The fact that the Duchess of Sussex’s father, Thomas Markle, hasn’t been given a coat of arms has caused a bit of controversy in the tabloid press. The Duchess’s estranged half-sister, Samantha Markle, claims that it is a “huge insult” that her father wasn’t given a coat of arms when the Duchess of Cambridge’s father was. But in reality, there is nothing untoward about this.
Despite what Ms. Markle seems to think, the Royal Family don’t decide whether a private individual should receive a coat of arms. The grants are made in the Queen’s name by the heralds of the College of Arms (for people in England, Wales, and Northern Ireland) or the Court of the Lord Lyon King of Arms (for people in Scotland). Furthermore, arms can only be granted to British citizens, though Americans can receive ‘honorary arms’ if they can prove descent from a British subject. Either way, it’s an expensive proposition: a grant of arms to a private individual costs £6,075 (or a little over $8,000).
Under the law of arms, a man’s arms can be borne by all of his legitimate children, so if Mr. Markle had obtained a coat of arms, the Duchess of Sussex would have been able to use it as well. While the Duchess of Cambridge uses her father’s arms, the heraldic authorities may have felt that this arrangement would be problematic for the Duchess of Sussex since her father’s arms would only be honorary.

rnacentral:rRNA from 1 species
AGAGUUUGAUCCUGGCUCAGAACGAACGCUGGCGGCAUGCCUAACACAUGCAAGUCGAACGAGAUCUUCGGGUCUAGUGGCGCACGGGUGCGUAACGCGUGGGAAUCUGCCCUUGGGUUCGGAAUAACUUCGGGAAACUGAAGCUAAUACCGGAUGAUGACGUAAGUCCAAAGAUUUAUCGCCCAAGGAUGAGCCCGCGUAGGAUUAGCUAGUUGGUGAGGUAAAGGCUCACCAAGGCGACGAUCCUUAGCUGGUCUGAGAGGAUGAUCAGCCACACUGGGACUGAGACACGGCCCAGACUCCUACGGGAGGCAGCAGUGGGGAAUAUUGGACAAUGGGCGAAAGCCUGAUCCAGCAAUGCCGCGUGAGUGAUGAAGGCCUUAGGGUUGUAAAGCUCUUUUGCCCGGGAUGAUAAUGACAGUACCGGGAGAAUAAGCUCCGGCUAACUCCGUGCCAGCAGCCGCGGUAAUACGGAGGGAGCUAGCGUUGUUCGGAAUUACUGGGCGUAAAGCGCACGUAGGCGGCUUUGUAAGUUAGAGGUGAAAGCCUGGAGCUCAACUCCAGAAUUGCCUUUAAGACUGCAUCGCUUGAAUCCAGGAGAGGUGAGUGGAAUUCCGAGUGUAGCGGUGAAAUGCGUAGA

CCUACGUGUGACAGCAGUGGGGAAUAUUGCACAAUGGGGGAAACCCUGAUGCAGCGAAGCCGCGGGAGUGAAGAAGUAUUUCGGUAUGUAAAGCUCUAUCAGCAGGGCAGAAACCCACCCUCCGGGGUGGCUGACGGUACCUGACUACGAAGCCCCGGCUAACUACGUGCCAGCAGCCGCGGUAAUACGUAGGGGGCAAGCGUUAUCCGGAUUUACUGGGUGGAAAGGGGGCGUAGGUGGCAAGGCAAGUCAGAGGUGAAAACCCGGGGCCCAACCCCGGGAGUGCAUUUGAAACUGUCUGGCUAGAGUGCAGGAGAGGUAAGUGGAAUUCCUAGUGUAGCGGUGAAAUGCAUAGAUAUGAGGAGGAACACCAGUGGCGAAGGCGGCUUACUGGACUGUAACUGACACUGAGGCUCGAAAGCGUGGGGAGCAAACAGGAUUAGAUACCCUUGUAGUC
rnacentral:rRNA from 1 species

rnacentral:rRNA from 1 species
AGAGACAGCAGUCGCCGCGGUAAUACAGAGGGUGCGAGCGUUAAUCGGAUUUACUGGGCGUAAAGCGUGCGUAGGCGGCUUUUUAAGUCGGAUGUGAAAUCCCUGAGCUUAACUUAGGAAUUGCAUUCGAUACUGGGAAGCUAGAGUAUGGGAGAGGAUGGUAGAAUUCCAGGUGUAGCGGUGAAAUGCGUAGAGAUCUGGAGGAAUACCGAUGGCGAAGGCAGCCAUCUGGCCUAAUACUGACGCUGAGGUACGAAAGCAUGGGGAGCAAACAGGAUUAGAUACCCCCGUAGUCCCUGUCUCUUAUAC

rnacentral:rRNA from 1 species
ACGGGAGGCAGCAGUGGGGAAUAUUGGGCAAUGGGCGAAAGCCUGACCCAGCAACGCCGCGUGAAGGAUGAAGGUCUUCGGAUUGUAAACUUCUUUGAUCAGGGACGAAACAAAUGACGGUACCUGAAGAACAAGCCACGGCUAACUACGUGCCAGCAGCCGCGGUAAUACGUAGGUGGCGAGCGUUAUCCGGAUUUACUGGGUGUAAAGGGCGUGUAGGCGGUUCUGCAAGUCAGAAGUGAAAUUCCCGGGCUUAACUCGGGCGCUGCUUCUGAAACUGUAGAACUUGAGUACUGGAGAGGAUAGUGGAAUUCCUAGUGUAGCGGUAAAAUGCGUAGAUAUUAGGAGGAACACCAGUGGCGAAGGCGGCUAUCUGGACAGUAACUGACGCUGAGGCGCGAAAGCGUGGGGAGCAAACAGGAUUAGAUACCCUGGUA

Instead, the Duchess has been granted her own coat of arms. Honestly, this seems like the best course of action. The Markles don’t live in the United Kingdom, so it’s hard to see how they would benefit from having an official grant of arms. British heraldic law has no standing in America, so from a legal standpoint, a grant from the College of Arms has no more validity than a certificate of arms bought from a kiosk at the mall.
 The Queen does approve coats of arms granted to members of the Royal Family, but her involvement there is the exception rather than the rule.
 The College of Arms also serves other Commonwealth countries that do not have their own heraldic authorities.
 However, a daughter cannot pass her father’s arms onto her children unless a) she has no brothers or b) all of her brothers have died without surviving issue.